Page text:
Nose to glass'Diwine' intervention
By Don Colman
Merlot, poor merlot. Right now, this might be the most unwanted wine in the land. Fortunately, the "bad rap" is unwarranted. Grapes, like clothes and music, go in and out of style and right now, merlot is completely out of style. Why these fads happen is anyone's guess, but unlike leather ties, this is a fad that will come back.
Unfortunately, I follow the trends, too. I have drifted away from merlot andhave become attracted to other grapes. It had been months, perhaps even a year, since I sat down with a glass of merlot. I can't tell you what made me reach for it this time -- call it "diwine" intervention, but am I glad I did. The 2007 Blackstone Merlot, at only $12 a bottle, is a down right steal. When I sit down to review a wine, I check for three things.
First is the look of the wine. This wine is a deep red, with very little residue giving a clear finish. Although this does not guarantee quality in wine, it does indicate clean filtering and is appealing to the eye.
Second is the smell, my favorite part of any wine. This is where you prepare your taste buds for what they are about to experience. As with many Californian wines, this is a fruit-forward wine with odors of nut fruits (plums, cherries, etc.) being most prevalent. In addition, there is a hint of oak that comes through providing this wine with some needed complexity.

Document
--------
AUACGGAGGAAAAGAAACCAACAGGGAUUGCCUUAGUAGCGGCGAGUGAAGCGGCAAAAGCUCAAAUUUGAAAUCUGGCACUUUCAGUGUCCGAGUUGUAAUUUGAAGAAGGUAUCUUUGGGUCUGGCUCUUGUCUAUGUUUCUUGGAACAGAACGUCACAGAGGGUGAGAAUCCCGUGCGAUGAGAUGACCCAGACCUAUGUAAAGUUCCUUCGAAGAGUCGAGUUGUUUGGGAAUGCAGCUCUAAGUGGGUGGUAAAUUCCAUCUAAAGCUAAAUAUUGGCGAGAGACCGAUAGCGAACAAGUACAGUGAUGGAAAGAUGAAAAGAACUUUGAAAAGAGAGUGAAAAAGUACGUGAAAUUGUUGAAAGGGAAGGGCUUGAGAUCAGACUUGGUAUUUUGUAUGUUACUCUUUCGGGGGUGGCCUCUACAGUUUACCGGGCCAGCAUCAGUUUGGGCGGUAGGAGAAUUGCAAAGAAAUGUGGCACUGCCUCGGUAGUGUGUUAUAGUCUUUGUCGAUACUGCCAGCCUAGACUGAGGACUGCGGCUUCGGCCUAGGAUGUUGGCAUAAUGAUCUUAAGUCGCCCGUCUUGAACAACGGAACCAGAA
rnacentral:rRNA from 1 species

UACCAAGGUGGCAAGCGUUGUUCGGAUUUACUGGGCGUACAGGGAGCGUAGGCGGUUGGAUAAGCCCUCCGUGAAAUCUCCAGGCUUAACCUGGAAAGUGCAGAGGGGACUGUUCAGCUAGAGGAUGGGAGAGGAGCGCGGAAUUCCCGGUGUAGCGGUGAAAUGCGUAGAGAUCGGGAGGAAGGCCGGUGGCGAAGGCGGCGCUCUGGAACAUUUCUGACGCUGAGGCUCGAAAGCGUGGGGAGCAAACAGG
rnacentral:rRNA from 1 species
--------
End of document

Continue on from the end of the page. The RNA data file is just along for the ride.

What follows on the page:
Third is the actual taste of the wine. I am of the school of thought that most of the flavors are sensed during the smelling of the wine. The taste of the wine tells me two things. First is where you sense wine on your tongue. The front of the tongue is sweet, sides are bitter and the back is sour. In this case it was a sweet taste followed with a touch of bitterness. The second part of the taste is looking for tannins, which come from the skin of the grapes. The longer the juice stays in contact with the skins, the greater the tannin feel to the wine. I call this the "chewiness" of the wine. In this case, the wine has a very soft and silky feel, meaning it is light on the tannins.
When you put all of these things together, you end up with a high quality, easy to drink, reasonably priced wine. In matching this to food, I would aim for everyday type food -- spaghetti and meat balls, burgers, pizza, etc.
If merlot was in style, you would see this wine selling for $5 to $10 more. Just like it is smart to buy an umbrella when it is sunny, now is a great time to buy a merlot.
Until next time, cheers!
Don Colman lives in the East Bay and writes a wine blog at www.nosetoglass.com.